“Remember that you are dust, and to dust you shall return.”
Almighty and everlasting God, you hate nothing you have made and forgive the sins of all who are penitent: Create and make in us new and contrite hearts, that we, worthily lamenting our sins and acknowledging our wretchedness, may obtain of you, the God of all mercy, perfect remission and forgiveness; through Jesus Christ our Lord, who lives and reigns with you and the Holy Spirit, one God, for ever and ever. Amen. (Collect for Ash Wednesday, Book of Common Prayer)
When we receive the ashes on this first day of Lent, we acknowledge both our mortality and our need for repentance of sin and conversion of life. We’re not talking light stuff here. Needless to say, most of us don’t like thinking these things. I certainly don’t.
It’s easy to think of sin in terms of things we do that violate some rule. “Oh, I sinned when I did x, y, and z.” That certainly is part of it, but I also tend to think of it in larger terms. Let’s call it (big-S) Sin. It’s not so much an act as a state of being where we find ourselves separated (or apparently separated) from God. Sometimes it takes the form of particular actions or inactions. “We have left undone those things which we ought to have done, and we have done those things which we ought not to have done.” Other times it involves larger systemic and societal wrongs, especially when we ourselves benefit.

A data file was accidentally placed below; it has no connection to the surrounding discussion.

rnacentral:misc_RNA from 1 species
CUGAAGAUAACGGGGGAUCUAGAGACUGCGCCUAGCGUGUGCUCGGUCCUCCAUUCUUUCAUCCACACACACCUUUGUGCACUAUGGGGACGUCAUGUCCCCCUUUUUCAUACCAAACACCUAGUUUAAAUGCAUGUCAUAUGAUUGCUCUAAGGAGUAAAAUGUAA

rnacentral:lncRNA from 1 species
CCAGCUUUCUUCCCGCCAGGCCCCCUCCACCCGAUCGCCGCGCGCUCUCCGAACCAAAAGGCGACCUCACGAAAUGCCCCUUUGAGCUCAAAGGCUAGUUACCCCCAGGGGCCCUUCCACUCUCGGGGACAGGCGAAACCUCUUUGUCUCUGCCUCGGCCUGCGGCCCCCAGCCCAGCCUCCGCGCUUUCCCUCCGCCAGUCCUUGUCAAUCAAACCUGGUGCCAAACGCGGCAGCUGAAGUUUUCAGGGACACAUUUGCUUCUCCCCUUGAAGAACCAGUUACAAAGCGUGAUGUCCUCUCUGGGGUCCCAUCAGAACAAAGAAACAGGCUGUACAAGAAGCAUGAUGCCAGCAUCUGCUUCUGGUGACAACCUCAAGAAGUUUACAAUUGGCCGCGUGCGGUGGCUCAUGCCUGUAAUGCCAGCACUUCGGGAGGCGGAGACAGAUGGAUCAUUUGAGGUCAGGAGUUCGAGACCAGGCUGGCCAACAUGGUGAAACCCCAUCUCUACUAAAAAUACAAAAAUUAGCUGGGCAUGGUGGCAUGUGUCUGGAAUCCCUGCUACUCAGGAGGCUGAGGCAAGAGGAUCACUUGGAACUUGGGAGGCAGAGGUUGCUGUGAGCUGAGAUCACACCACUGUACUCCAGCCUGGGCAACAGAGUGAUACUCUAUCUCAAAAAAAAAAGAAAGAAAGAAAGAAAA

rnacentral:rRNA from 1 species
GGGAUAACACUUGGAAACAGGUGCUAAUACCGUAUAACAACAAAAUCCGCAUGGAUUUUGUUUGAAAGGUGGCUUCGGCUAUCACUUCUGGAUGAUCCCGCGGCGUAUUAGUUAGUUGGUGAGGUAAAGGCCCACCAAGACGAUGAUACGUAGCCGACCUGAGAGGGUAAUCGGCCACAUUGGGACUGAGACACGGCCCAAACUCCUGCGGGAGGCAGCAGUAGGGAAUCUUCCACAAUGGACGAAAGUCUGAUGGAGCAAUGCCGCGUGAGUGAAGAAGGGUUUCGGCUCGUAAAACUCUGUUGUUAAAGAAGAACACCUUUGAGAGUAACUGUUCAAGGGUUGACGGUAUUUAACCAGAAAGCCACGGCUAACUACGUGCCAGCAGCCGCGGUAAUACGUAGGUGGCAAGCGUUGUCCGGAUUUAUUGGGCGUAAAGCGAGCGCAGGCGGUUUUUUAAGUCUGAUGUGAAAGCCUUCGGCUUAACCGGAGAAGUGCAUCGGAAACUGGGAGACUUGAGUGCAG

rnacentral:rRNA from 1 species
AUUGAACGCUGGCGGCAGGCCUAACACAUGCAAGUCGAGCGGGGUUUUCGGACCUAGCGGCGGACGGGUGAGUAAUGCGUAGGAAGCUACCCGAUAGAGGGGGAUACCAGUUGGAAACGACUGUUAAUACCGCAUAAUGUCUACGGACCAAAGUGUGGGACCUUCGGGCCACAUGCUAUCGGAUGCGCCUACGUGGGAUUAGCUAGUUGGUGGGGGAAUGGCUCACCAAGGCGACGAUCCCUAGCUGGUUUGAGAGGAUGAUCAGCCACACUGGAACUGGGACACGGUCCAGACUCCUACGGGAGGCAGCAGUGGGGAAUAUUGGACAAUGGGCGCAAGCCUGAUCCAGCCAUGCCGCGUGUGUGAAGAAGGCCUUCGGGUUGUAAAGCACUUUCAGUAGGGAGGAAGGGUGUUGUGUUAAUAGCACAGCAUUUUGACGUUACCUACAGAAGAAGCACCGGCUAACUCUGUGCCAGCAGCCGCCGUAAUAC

But somehow that doesn’t quite capture the full power of death and sin, “the evil that enslaves us.” There are times when we find ourselves trapped, unable to see God’s Light. It isn’t necessarily our own fault either. For example, I know all too well the hell of depression. It’s not simply about being really sad. It’s a disorder affecting one’s whole being – body, mind, and spirit. Being in the depths of depression is like being covered in a thick layer of volcanic ash.
Yet the ashes on Ash Wednesday are something different . . . (to be continued)